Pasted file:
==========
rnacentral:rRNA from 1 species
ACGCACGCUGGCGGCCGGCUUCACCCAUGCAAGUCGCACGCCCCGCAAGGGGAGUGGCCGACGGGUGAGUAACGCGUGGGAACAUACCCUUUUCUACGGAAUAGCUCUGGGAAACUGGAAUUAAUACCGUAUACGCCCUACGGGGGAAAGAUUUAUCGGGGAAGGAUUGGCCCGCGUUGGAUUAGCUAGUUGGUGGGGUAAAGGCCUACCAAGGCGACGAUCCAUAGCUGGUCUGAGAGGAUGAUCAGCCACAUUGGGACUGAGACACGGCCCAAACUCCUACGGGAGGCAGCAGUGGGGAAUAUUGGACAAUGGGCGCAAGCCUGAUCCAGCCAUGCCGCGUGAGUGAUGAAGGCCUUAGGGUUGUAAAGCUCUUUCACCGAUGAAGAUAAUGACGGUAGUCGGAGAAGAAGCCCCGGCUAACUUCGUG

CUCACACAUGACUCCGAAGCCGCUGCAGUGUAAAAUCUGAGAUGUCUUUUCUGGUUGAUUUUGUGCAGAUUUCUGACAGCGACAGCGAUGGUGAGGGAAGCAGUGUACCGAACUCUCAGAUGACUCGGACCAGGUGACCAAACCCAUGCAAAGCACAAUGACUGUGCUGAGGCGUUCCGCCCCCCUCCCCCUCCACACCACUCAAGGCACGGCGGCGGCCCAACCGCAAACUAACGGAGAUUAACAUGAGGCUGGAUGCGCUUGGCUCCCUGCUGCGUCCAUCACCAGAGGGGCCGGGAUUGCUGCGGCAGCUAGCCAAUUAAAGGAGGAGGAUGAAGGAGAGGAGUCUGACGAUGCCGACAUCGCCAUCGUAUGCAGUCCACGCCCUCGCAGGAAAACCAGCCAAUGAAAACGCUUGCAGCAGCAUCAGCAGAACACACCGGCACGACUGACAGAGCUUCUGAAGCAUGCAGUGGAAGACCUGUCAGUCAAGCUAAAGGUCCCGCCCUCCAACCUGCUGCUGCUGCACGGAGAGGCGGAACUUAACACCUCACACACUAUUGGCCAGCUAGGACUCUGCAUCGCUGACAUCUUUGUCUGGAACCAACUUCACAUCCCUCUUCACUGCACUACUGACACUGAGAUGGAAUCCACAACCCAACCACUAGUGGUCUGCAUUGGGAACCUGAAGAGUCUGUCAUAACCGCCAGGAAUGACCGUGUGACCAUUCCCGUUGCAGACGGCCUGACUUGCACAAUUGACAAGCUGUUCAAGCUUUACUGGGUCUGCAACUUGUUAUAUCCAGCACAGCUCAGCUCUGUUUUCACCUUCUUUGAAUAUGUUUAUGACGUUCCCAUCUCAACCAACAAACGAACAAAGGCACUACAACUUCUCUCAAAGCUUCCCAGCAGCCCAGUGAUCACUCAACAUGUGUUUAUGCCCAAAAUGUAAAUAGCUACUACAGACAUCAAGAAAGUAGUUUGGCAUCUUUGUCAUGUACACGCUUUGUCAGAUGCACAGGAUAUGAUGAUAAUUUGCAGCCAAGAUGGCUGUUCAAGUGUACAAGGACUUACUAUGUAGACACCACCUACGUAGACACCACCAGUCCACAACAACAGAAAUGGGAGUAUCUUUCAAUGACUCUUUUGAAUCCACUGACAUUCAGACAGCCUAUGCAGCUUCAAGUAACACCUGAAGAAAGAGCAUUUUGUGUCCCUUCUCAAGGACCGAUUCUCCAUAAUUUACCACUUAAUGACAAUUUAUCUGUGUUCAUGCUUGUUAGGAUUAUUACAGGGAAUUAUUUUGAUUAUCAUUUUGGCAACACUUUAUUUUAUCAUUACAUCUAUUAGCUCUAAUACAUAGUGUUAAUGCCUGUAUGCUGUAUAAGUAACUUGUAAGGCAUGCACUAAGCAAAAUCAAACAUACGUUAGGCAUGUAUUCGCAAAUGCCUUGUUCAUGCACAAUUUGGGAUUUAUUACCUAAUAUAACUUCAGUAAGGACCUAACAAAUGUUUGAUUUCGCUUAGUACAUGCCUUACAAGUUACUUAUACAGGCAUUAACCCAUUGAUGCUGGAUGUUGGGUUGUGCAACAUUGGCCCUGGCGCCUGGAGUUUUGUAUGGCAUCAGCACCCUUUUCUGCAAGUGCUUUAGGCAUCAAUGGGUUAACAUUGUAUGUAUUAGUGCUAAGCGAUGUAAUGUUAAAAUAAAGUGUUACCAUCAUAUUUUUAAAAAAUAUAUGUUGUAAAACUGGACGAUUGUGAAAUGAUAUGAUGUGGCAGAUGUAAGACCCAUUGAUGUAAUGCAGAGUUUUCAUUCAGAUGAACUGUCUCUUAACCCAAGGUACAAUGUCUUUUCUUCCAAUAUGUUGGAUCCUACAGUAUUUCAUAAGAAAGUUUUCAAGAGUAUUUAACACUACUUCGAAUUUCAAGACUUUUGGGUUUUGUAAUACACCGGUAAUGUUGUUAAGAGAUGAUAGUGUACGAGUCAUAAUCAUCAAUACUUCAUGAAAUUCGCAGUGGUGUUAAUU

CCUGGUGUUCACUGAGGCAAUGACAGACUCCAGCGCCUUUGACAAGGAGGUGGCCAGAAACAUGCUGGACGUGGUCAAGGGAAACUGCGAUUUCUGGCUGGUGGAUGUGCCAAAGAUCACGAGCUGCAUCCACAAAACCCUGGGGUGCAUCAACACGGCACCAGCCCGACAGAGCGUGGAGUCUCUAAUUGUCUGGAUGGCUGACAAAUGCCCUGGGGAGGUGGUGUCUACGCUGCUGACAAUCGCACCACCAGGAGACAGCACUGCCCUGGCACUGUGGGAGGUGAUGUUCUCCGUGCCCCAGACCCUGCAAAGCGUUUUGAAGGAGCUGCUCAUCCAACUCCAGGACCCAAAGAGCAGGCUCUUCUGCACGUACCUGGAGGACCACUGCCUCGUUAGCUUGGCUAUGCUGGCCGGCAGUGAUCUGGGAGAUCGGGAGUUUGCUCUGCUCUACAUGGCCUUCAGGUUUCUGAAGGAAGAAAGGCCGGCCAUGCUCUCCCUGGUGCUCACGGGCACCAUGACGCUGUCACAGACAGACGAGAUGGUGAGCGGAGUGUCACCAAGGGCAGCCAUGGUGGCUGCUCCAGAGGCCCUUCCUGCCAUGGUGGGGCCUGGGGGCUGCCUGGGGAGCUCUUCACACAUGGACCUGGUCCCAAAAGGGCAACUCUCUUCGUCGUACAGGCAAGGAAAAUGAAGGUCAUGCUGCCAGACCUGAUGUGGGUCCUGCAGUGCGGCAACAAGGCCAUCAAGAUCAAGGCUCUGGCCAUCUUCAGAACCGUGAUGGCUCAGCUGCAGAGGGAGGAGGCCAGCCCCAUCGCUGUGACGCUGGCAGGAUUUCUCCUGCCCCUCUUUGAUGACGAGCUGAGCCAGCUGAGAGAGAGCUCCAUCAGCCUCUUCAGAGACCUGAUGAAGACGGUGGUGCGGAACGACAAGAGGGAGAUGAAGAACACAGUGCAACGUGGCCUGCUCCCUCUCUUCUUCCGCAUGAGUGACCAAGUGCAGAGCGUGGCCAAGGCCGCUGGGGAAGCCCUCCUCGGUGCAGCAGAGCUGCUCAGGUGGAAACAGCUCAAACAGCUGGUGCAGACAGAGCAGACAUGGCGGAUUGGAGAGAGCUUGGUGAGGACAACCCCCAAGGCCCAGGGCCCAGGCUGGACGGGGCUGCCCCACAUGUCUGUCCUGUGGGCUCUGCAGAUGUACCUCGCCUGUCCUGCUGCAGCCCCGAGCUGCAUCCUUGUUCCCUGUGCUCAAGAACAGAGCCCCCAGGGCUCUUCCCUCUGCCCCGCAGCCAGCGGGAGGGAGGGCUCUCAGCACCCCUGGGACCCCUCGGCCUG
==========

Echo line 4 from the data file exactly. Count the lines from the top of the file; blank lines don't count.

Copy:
CCUGGUGUUCACUGAGGCAAUGACAGACUCCAGCGCCUUUGACAAGGAGGUGGCCAGAAACAUGCUGGACGUGGUCAAGGGAAACUGCGAUUUCUGGCUGGUGGAUGUGCCAAAGAUCACGAGCUGCAUCCACAAAACCCUGGGGUGCAUCAACACGGCACCAGCCCGACAGAGCGUGGAGUCUCUAAUUGUCUGGAUGGCUGACAAAUGCCCUGGGGAGGUGGUGUCUACGCUGCUGACAAUCGCACCACCAGGAGACAGCACUGCCCUGGCACUGUGGGAGGUGAUGUUCUCCGUGCCCCAGACCCUGCAAAGCGUUUUGAAGGAGCUGCUCAUCCAACUCCAGGACCCAAAGAGCAGGCUCUUCUGCACGUACCUGGAGGACCACUGCCUCGUUAGCUUGGCUAUGCUGGCCGGCAGUGAUCUGGGAGAUCGGGAGUUUGCUCUGCUCUACAUGGCCUUCAGGUUUCUGAAGGAAGAAAGGCCGGCCAUGCUCUCCCUGGUGCUCACGGGCACCAUGACGCUGUCACAGACAGACGAGAUGGUGAGCGGAGUGUCACCAAGGGCAGCCAUGGUGGCUGCUCCAGAGGCCCUUCCUGCCAUGGUGGGGCCUGGGGGCUGCCUGGGGAGCUCUUCACACAUGGACCUGGUCCCAAAAGGGCAACUCUCUUCGUCGUACAGGCAAGGAAAAUGAAGGUCAUGCUGCCAGACCUGAUGUGGGUCCUGCAGUGCGGCAACAAGGCCAUCAAGAUCAAGGCUCUGGCCAUCUUCAGAACCGUGAUGGCUCAGCUGCAGAGGGAGGAGGCCAGCCCCAUCGCUGUGACGCUGGCAGGAUUUCUCCUGCCCCUCUUUGAUGACGAGCUGAGCCAGCUGAGAGAGAGCUCCAUCAGCCUCUUCAGAGACCUGAUGAAGACGGUGGUGCGGAACGACAAGAGGGAGAUGAAGAACACAGUGCAACGUGGCCUGCUCCCUCUCUUCUUCCGCAUGAGUGACCAAGUGCAGAGCGUGGCCAAGGCCGCUGGGGAAGCCCUCCUCGGUGCAGCAGAGCUGCUCAGGUGGAAACAGCUCAAACAGCUGGUGCAGACAGAGCAGACAUGGCGGAUUGGAGAGAGCUUGGUGAGGACAACCCCCAAGGCCCAGGGCCCAGGCUGGACGGGGCUGCCCCACAUGUCUGUCCUGUGGGCUCUGCAGAUGUACCUCGCCUGUCCUGCUGCAGCCCCGAGCUGCAUCCUUGUUCCCUGUGCUCAAGAACAGAGCCCCCAGGGCUCUUCCCUCUGCCCCGCAGCCAGCGGGAGGGAGGGCUCUCAGCACCCCUGGGACCCCUCGGCCUG